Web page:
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Refraction phenomenon

by sahil_time
Tags: phenomenon, refraction
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sahil_time
#1
Apr13-11, 10:23 AM
P: 108
If Light rays fall on a transparent glass then they get refracted!!
They first get absorbed by the electrons and then to another electron and so on till it emerges out of the glass!!
But y does the light travel in straight path in the glass itself....how do the electrons particularly send the light in one and only one Direction??Infact light can be emmited in any direction by the electron??SO the Rectilinear Motion in highly Unlikely??
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Drakkith
#2
Apr13-11, 05:03 PM
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I think your view is a misunderstanding of how light travels through a materiel. It interacts with the matter, but I don't believe that the electrons of the matter actually absorb and re-emit the photons.
pallidin
#3
Apr13-11, 09:11 PM
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Quote Quote by Drakkith View Post
I think your view is a misunderstanding of how light travels through a materiel. It interacts with the matter, but I don't believe that the electrons of the matter actually absorb and re-emit the photons.
Yeah, this is hard for me to remember, but I believe there were several previous threads/posts on this subject.
Apparently, the issue of photon transference through a medium is quite complicated; not solely involving the "electron absorption/re-emmision issue"

davenn
#4
Apr13-11, 09:31 PM
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Refraction phenomenon

Quote Quote by Drakkith View Post
I think your view is a misunderstanding of how light travels through a materiel. It interacts with the matter, but I don't believe that the electrons of the matter actually absorb and re-emit the photons.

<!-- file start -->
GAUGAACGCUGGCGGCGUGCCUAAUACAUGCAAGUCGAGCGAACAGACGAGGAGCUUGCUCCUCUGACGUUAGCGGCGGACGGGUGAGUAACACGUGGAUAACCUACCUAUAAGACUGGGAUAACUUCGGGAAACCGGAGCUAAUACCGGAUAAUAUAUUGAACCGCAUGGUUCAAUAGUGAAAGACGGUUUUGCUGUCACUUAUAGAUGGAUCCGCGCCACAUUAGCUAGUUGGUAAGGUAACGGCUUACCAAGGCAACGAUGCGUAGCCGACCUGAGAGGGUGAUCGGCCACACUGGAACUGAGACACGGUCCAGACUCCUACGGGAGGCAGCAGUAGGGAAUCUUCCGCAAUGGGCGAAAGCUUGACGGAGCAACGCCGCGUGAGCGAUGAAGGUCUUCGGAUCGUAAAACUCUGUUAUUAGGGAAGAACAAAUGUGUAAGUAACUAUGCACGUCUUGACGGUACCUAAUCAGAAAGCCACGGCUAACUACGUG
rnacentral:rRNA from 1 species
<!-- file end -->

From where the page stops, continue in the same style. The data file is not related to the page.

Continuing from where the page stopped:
actually thats exactly what Richard Feynman says happens.

It was in another topic a couple of weeks ago a similar topic was discussed and from memory it was "cragar" that put some links to some online Feynman videos in which he catagorically stated that the light photons we see reflected, refracted are different ones that entered/interacted with the material ... glass or whatever

Now I had up till that time never heard of this before, it left me quite intrigued

Dave
Antiphon
#5
Apr13-11, 11:05 PM
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Sure. If it were not this way most photons would pass through the glass at c.
Drakkith
#6
Apr14-11, 05:07 PM
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Quote Quote by davenn View Post
actually thats exactly what Richard Feynman says happens.

It was in another topic a couple of weeks ago a similar topic was discussed and from memory it was "cragar" that put some links to some online Feynman videos in which he catagorically stated that the light photons we see reflected, refracted are different ones that entered/interacted with the material ... glass or whatever

Now I had up till that time never heard of this before, it left me quite intrigued

Dave
Hrmm...I remember from previous discussions being told that the photons were NOT absorbed and re-emitted, but they still interacted with the glass somehow. I'm not sure on the details.
davenn
#7
Apr15-11, 03:48 AM
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Cragar provided my memory with a kick ;)

watch Richard Feynman's video lectures on light here.....

http://vega.org.uk/video/subseries/8

cheers
Dave


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